EMERGING MARKETS: Infrastructure will underpin PPP boom

Private public partnerships will play an increasingly important role in meeting infrastructure needs

Public private partnerships (PPPs) will grow rapidly in coming years as Latin America moves to redress its weakness in infrastructure while its ambitious plans swamp the public sector’s ability to finance them.

Improved capacity in the public sector and a willingness by local banks and increasingly institutional investors to fund projects are also driving interest in PPPs.

But badly designed programmes, the reluctance of the public sector to allow in private companies and weak credit ratings are still hampering growth.

Uruguay is just the latest to announce a PPP deal. Last week CND, the country’s development corporation, said it was looking at two rail projects worth up to $500 million. Contracts will last for 25 to 30 years with payments of between $25-30 million to the government.

Luis Alberto Moreno, president of the IDB, said the region lagged behind in infrastructure. Asian countries typically invest twice as much as Latin America in the sector. Energy demand alone will increase 54% through 2025 in Latin America, he said.

Fabrice Henry, managing director at Astris Finance, which advises on infrastructure finance, predicted a boom in PPPs across the region.

He said Colombia and Mexico had particularly ambitious programmes and the former has extensively consulted with construction companies and banks on how best to structure the deals, a prerequisite for success.

However the global banking crisis and more recently Basel capital standards that impose greater restrictions on long-term investing limit international institutions’ role, said Mini Roy, head of export and agency finance at Sumitomo Mitsui Banking Corporation.

Marcos Siqueira Moraes, executive manager of the central PPP unit of the Brazilian state of Minas Gerais, said the main challenges included building capacity within the public sector and creating a sufficient pipeline of deals to attract foreign investor interest. For lower rated credits, managing the amount of subsidy that the government needs to provide is sensitive.

Minas Gerais has been developing projects in areas ranging from waste to energy and protecting the environment, said Moraes. In an interview with Emerging Markets, he said that the governments of 11 Brazilian states including Minas Gerais, Sao Paulo and Rio de Janeiro, were seeking to coordinate and devise common standards to attract more international investors.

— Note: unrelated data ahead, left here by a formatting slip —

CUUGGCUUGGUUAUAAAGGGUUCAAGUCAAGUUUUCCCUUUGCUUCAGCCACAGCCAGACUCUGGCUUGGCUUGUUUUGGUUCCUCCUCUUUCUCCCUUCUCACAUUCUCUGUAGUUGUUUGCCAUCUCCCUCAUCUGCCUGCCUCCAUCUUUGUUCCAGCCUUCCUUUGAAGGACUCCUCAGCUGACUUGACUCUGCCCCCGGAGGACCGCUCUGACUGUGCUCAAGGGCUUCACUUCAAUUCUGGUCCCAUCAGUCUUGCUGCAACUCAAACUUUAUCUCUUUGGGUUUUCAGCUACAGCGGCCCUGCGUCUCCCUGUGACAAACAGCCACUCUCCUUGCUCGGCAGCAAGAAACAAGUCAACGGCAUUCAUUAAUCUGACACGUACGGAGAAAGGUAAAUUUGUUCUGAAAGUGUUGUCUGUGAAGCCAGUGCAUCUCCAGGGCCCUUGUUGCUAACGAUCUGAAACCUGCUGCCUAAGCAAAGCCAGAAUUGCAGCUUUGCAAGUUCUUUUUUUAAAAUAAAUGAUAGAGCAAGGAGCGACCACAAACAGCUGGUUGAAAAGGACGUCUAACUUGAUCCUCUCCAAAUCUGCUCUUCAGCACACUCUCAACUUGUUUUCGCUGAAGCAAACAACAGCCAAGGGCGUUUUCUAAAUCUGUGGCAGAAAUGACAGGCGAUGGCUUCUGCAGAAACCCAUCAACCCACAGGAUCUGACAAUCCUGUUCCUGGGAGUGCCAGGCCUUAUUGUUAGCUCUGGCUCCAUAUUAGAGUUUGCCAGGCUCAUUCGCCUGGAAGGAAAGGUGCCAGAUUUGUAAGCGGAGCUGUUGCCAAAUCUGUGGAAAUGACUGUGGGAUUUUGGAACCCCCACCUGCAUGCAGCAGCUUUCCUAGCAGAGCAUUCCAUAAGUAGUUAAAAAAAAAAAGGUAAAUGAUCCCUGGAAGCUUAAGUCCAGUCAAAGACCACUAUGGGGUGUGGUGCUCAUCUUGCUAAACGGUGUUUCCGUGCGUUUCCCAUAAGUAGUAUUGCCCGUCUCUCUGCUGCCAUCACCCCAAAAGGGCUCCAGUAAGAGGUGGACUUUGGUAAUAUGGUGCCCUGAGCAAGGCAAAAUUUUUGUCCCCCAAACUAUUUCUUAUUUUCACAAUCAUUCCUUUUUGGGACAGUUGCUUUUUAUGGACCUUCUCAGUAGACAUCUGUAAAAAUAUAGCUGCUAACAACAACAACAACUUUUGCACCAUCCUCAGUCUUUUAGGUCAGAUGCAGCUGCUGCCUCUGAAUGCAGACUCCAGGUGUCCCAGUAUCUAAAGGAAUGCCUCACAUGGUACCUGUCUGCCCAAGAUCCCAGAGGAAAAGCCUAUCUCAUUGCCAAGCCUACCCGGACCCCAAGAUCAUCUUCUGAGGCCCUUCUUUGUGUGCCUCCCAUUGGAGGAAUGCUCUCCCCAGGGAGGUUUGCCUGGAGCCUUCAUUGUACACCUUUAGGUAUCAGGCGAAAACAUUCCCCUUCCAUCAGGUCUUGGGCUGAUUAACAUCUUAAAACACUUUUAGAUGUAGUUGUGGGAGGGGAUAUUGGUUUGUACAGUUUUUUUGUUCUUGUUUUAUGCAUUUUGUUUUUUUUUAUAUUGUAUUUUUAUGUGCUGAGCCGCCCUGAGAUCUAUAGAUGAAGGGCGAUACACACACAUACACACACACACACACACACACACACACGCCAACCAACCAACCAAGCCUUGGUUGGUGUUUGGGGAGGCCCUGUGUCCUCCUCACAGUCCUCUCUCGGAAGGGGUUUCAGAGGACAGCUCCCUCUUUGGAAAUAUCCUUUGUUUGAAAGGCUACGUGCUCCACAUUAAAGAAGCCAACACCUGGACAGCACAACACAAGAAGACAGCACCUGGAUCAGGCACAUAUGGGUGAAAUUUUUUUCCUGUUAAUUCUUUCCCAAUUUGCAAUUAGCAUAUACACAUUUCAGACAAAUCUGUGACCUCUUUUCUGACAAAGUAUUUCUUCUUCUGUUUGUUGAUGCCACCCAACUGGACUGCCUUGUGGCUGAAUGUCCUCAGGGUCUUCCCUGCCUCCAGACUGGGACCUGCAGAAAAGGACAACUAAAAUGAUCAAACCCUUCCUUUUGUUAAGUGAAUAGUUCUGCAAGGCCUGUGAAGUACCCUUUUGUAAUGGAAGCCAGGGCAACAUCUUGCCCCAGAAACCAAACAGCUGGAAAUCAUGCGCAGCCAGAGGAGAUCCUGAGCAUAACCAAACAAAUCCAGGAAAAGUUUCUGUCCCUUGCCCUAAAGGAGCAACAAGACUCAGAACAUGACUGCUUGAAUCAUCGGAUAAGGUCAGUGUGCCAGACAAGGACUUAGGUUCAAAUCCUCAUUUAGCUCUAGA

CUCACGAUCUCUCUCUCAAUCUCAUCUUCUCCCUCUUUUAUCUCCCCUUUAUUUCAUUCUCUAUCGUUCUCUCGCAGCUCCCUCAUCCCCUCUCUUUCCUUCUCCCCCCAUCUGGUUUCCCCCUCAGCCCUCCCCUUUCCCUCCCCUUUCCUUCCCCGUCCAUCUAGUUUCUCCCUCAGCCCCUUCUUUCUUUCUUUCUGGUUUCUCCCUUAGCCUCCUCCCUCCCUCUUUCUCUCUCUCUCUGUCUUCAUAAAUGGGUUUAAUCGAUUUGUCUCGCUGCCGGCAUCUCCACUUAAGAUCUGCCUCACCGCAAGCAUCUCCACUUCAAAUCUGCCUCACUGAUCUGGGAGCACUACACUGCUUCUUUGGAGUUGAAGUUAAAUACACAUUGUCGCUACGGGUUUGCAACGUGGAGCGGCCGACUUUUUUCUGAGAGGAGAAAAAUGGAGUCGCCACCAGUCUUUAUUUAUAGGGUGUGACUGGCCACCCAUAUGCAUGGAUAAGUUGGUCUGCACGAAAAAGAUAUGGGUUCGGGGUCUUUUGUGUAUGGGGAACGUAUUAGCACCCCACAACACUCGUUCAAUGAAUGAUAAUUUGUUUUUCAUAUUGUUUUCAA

The states would like volume to attract especially large investors such as Dutch pension funds and Asian investors. He said that while the dialogue had started between the states, it remained challenging to agree common standards.

Multilaterals will be able to help catalyze the area. The IDB tripled its portfolio of lending to the private sector between 2006-12 and can help in areas such as designing PPP projects and corporate governance. The Multilateral Investment Fund and the IDB’s Infrastructure and Environment Sector are launching a regional PPP advisory services program to enable governments to attract increased private sector participation and strengthen government capacity.

About admin

I've been researching and writing on Brazilian financial markets, industry and economy since 2006 for a wide range of specialist media, consultancies and investors. Before that I spent over 10 years in London and New York writing for and editing magazines and journals dedicated to finance, investment and economics in developing markets, mostly for the Euromoney Institutional Investor group and Thomson Financial. Areas of coverage Below are samples of areas that I cover and some of the common themes that I investigate. Capital markets BM&FBovespa markets *capital raising trends: via equities (IPOs and secondary issuance), debt and loans *the asset management industry: legislation and coverage of the key hedge, pension and investment funds * corporate governance: how the regulator is seeking to strengthen best practice and limitations * debt markets: the nascent corporate markets, attempts to boost liquidity and new insturments. * private equity market: why this market has been so successful, who’s involved. *electronic, high frequency trading and alternative trading platforms: what does the future hold? Banking *credit: the growth of consumer and business credit and competition between banks and models *Public versus private: the role and market share of public and private sector banks and the politicization of the industry * internationalization: which Brazilian banks are expanding overseas and where * investment banking: the growth of the domestic market and who’s winning which mandates *regional banks and development banks: what role they play in the industry and how they compete Mining *licensing: the complex process of obtaining environmental, water, land and operating licenses at a state and federal level. * capacity: the feasibility and sustainability of capacity increases * financing: how miners are raising finance in Brazil and abroad *competition: the interplay Vale, MMX and junior miners *logistics: rail, road and port connections Oil and gas: the fund raising issues related to the massive of pre-salt (link) Multilatinas: Who are they and how and where they are expanding Meatpacking: Are debt burdens sustainable, what are the different business models for areas such as branding and distrbution Agriculture: How are farms consolidating, what are environmental risks, how can foreign investors be involved. IT and software: Can Brazil take on India and build a viable long-term IT industry? For more information on clients and work, please see the media and consultancy sections.
This entry was posted in Articles, Emerging Markets. Bookmark the permalink.

Leave a Reply